The government plans to set its second supplementary budget for fiscal 2016 at 4.114 trillion on a general-account basis, informed sources said. The extra budget will finance a 28.1-trillion stimulus package compiled earlier this month. Including an extra budget for a special account for reconstruction after the March 2011 disasters and other projects, the government's additional fiscal spending will total 4.522 trillion, the sources said. The government hopes to achieve economic growth led by private sector demand at a time when China and other emerging economies are slowing down and Britain's vote to leave the European Union has added to global economic risks. Partly to fund the general-account extra budget, the government will issue 2.75 trillion of so-called construction bonds that can be used only for public works projects and some other purposes, the sources said.
The government plans to earmark ¥3.2 trillion in spending under a planned supplementary budget for fiscal 2019 ending in March, sources said Thursday. The government is expected to adopt the extra budget on Friday. The extra budget will cover some 20 percent of the ¥13.2 trillion in fiscal spending included in the government's ¥26 trillion economic stimulus package adopted on Dec. 5. Under the extra budget, the government plans to spend ¥2.3 trillion on measures to enhance its disaster prevention capabilities, including by dredging rivers and strengthening levees. The government plans to use ¥900 billion on measures to mitigate the impact on small and midsize companies and farmers of the U.S.-China trade war and the Japan-U.S. trade agreement.
The Cabinet of Prime Minister Shinzo Abe on Thursday approved a record-high ¥97.45 trillion budget for fiscal 2017, as swelling social security costs moved Japan further away from its goal of reining in overall spending and restoring its tattered fiscal health. The budget for the year starting in April also features increased defense spending for the fifth straight year since Abe took office in 2012 and expenditures to rejuvenate the economy by investing in growth areas. Excluding debt-servicing costs, a record-high ¥73.93 trillion is earmarked for policy spending in the general account, with spending on social security comprising the largest portion of it. Tax revenue is expected to increase 0.2 percent to ¥57.71 trillion from the current year's initial budget in anticipation of the yen's weakening that would boost corporate earnings. It enables Japan to cut its dependence on debt, albeit slightly, to 35.3 percent from 35.6 percent in the fiscal 2016 initial budget.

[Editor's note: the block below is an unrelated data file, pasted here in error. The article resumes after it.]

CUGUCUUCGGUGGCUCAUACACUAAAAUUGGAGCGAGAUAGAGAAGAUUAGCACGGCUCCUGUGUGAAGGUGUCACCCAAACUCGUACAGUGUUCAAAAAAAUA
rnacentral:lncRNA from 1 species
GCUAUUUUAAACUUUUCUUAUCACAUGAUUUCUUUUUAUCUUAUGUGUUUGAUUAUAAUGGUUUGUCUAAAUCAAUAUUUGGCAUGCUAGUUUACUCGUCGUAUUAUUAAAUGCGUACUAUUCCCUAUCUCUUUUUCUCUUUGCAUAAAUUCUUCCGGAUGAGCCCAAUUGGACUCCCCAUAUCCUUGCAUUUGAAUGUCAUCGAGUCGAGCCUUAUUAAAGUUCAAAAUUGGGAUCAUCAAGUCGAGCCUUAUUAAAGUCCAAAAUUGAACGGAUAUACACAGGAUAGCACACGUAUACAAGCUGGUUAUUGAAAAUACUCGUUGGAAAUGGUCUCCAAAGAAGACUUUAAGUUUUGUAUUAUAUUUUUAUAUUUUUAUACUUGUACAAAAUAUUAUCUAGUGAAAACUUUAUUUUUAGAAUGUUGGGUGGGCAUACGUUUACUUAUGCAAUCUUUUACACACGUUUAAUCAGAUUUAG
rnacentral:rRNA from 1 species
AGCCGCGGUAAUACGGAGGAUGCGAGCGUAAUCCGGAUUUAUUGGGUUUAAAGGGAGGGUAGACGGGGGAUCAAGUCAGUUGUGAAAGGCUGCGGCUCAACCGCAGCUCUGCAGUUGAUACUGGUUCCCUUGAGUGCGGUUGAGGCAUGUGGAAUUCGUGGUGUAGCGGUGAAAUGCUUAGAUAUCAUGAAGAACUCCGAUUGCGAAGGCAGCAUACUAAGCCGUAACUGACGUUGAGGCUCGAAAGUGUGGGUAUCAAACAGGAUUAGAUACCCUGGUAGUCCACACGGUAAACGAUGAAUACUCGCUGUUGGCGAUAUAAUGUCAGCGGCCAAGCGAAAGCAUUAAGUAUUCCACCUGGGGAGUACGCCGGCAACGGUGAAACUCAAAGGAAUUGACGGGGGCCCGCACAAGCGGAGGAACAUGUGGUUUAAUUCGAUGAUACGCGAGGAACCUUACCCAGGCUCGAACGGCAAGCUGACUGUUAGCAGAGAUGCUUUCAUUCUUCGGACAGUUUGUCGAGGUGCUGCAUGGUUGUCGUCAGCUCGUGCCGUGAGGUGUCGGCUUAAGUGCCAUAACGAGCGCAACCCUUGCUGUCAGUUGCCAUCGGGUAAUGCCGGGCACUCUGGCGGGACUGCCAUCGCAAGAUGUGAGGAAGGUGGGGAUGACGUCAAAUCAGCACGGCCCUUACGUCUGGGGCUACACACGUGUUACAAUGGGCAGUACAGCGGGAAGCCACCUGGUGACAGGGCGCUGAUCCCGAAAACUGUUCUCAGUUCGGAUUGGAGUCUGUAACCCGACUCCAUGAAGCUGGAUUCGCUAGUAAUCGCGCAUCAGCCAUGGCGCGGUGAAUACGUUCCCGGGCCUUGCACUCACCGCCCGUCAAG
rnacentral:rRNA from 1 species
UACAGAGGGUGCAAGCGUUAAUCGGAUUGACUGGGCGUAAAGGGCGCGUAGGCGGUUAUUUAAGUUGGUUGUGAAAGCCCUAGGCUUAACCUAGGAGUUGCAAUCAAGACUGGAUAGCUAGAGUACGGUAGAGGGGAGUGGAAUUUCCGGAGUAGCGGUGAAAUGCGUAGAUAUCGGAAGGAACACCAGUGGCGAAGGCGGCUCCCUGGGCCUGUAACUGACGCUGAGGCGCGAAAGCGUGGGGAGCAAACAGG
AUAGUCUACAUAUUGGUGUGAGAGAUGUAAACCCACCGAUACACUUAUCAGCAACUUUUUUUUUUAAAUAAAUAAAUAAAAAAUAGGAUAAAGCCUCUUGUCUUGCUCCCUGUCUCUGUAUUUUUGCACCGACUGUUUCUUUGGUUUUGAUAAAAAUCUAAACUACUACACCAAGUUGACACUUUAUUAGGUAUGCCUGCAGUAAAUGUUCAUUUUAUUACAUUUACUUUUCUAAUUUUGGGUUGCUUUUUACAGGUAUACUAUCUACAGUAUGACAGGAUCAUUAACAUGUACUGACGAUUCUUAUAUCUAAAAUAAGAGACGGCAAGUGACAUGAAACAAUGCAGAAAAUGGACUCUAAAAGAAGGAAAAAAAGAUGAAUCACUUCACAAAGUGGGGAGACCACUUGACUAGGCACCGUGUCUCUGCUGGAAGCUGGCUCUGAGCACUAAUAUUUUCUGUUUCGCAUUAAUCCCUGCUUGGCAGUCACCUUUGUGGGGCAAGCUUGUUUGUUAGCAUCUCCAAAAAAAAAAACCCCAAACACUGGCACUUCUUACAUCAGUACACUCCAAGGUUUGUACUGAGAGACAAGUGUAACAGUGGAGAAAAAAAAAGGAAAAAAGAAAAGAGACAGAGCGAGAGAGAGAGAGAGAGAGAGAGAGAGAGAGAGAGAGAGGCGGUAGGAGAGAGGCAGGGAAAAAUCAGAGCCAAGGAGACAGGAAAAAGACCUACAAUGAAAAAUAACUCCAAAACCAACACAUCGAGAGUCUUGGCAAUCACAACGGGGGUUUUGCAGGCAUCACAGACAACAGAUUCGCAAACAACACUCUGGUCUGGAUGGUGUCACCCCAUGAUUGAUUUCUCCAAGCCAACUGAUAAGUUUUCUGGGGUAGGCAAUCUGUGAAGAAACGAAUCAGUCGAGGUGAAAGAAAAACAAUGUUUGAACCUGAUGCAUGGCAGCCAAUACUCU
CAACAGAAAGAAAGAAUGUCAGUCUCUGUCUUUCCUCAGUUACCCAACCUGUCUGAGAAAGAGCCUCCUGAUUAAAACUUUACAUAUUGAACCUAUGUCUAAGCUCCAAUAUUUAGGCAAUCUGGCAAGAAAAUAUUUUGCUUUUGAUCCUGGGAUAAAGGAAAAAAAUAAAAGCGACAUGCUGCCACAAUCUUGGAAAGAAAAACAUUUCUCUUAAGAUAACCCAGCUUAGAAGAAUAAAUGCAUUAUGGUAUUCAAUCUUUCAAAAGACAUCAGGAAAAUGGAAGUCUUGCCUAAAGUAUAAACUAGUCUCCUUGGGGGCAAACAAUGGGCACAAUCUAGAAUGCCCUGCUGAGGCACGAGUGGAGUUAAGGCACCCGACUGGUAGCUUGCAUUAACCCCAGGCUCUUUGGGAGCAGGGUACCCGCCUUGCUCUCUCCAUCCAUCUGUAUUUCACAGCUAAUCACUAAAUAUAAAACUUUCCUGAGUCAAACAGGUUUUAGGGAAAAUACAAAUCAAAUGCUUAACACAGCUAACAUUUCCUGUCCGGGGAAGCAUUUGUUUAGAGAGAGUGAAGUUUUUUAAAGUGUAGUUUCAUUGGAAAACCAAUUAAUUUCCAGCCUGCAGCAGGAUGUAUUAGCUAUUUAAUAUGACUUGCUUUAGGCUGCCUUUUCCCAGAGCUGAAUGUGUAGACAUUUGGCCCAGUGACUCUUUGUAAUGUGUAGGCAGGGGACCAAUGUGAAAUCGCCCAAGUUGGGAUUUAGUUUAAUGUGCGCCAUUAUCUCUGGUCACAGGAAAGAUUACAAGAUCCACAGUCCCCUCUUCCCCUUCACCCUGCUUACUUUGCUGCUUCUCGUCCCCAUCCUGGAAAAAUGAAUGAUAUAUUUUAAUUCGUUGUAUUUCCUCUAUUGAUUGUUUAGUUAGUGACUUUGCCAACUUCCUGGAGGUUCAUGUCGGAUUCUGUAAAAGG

The government will issue an additional ¥1.8 trillion ($15.2 billion) in bonds this fiscal year to make up for a shortfall in tax revenue and to help pay for a third extra budget, according to government sources. Reflecting sluggish corporate tax revenue, the government will cut its fiscal 2016 tax revenue estimate by ¥1.7 trillion to ¥55.9 trillion, the sources said. For the first time since fiscal 2009, the government has slashed its tax revenue estimate and been compelled to issue additional deficit-covering bonds in the middle of a fiscal year. The government had already increased its reliance on debt as it issued ¥2.75 trillion of bonds to pay for the second supplementary budget. The further bond issuance will bring the total debt issuance this fiscal year to about ¥39 trillion.
The House of Representatives on Friday approved another supplementary budget for fiscal 2016 ending March that will provide ¥622.5 billion ($5.4 billion) for disaster relief and defense projects. The third supplementary budget for fiscal 2016 includes ¥195.5 billion for areas like Hokkaido and Tohoku that were hit by typhoons and earthquakes last year, and ¥170.6 billion to bolster Japan's defenses from the threat of North Korean missiles. The Lower House approved the extra budget with support chiefly from the ruling Liberal Democratic Party, its coalition partner, Komeito, and opposition party Nippon Ishin no Kai. The ruling camp aims to pass the extra budget on Tuesday after discussions in the House of Councilors, the upper chamber. Since the government has cut ¥1.74 trillion from its original tax revenue estimate for fiscal 2016, it will issue ¥1.85 trillion in government bonds to make up for the shortfall.